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Wrong Shawn Davis?

Shawn M. Davis

Rodeo Coach

College of Southern Idaho

HQ Phone:  (208) 733-9554

Email: s***@***.edu

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I agree to the Terms of Service and Privacy Policy. I understand that I will receive a subscription to ZoomInfo Community Edition at no charge in exchange for downloading and installing the ZoomInfo Contact Contributor utility which, among other features, involves sharing my business contacts as well as headers and signature blocks from emails that I receive.

College of Southern Idaho

315 Falls Ave

Twin Falls, Idaho,83301

United States

Company Description

The College of Southern Idaho (CSI), a comprehensive community college, provides quality educational, social, cultural, economic, and workforce development opportunities that meet the diverse needs of the communities it serves. CSI prepares students to lead en... more

Find other employees at this company (815)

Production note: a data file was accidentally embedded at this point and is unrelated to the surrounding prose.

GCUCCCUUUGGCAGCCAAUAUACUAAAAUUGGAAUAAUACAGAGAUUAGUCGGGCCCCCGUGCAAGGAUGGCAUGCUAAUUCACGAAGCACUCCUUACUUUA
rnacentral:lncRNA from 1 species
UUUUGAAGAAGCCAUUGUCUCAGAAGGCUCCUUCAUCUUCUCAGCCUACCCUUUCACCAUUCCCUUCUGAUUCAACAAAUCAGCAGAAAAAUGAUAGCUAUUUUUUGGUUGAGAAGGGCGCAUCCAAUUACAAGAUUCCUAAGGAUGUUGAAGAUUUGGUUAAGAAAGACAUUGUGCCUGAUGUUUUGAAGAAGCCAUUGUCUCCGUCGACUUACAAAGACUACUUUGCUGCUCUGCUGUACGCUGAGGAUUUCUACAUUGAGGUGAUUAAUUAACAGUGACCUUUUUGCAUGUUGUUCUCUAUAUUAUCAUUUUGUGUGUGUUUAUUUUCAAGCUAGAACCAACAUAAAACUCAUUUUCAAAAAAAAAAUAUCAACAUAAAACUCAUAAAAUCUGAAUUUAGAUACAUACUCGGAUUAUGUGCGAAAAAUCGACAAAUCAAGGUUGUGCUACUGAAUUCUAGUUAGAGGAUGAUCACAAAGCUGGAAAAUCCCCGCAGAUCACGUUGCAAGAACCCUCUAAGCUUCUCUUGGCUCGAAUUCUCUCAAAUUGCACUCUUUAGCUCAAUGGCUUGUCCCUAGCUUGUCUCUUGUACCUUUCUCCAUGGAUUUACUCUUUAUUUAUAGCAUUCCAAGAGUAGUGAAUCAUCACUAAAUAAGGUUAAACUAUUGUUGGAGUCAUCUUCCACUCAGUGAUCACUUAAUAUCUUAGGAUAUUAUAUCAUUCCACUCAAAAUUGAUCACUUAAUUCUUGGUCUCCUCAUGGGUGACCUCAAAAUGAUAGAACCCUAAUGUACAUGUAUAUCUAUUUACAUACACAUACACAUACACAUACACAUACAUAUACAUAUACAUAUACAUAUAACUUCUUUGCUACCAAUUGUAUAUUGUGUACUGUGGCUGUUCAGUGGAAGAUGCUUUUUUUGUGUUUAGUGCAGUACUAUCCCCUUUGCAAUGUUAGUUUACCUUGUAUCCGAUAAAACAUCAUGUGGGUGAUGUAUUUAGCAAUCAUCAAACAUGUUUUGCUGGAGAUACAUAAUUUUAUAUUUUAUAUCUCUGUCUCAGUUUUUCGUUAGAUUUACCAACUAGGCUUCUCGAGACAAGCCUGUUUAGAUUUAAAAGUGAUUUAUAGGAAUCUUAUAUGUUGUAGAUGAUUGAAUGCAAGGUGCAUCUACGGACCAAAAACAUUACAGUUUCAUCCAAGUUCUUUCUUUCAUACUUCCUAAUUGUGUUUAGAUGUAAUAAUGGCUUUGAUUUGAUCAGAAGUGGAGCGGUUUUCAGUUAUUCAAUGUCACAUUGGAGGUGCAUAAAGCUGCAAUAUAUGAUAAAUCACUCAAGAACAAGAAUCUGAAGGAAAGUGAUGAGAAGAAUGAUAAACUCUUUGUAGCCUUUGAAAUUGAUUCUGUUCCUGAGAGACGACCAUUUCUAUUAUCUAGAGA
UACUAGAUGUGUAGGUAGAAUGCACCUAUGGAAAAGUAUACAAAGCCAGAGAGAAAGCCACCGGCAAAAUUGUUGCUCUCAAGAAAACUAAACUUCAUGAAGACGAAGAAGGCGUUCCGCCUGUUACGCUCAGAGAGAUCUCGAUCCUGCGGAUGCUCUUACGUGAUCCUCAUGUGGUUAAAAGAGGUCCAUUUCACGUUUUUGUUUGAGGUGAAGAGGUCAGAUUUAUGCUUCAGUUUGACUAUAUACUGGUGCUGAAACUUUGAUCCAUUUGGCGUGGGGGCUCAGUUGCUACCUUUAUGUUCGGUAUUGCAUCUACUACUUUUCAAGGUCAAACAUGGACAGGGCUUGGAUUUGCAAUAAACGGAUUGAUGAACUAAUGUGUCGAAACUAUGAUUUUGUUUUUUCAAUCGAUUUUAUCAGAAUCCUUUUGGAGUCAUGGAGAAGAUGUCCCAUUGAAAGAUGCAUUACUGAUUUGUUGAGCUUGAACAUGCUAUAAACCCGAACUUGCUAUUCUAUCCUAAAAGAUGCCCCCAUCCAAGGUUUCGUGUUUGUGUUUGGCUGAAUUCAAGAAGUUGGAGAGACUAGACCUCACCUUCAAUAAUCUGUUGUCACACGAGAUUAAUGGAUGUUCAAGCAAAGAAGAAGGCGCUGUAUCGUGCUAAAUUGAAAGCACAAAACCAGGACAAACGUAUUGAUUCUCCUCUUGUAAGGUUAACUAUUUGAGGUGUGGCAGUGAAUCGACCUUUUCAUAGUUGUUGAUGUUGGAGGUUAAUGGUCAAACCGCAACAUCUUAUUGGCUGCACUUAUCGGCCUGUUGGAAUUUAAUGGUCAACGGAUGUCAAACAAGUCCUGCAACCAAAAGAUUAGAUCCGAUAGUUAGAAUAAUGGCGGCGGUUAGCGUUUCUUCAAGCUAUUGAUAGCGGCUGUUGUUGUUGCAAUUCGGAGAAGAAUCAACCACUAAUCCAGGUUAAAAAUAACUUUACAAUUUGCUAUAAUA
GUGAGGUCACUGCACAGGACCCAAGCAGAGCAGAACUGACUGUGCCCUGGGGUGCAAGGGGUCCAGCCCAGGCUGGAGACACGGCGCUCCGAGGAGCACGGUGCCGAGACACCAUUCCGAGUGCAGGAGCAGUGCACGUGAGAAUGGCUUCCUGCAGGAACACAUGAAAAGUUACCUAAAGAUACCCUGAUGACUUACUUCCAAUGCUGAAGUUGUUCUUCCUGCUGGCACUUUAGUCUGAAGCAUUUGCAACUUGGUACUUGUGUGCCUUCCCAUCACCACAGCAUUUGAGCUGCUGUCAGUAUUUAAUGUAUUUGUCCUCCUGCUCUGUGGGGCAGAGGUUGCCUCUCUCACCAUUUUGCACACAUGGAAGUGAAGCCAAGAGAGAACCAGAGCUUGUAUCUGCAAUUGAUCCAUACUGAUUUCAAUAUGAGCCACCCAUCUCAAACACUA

Background Information

Employment History

Owner and Partner and Consultant

Southern Technologies LLC


Owner and Manager

New vision auto wash


President

Southern Ohio Quarter Horse Association


Senior Consultant and Manager

Superior Office Systems Inc


Affiliations

Professional Rodeo Cowboys Association

Member


College National Finals

Rodeo Secretary


Women's Professional Rodeo Association

Board Member


PRCA

Board Member


Education

Masters in Arts & Letters

Southern Oregon University


undergraduate degree

University of Guam


Web References(119 Total References)


Las Vegan Magazine of Las Vegas

www.lasvegan.net [cached]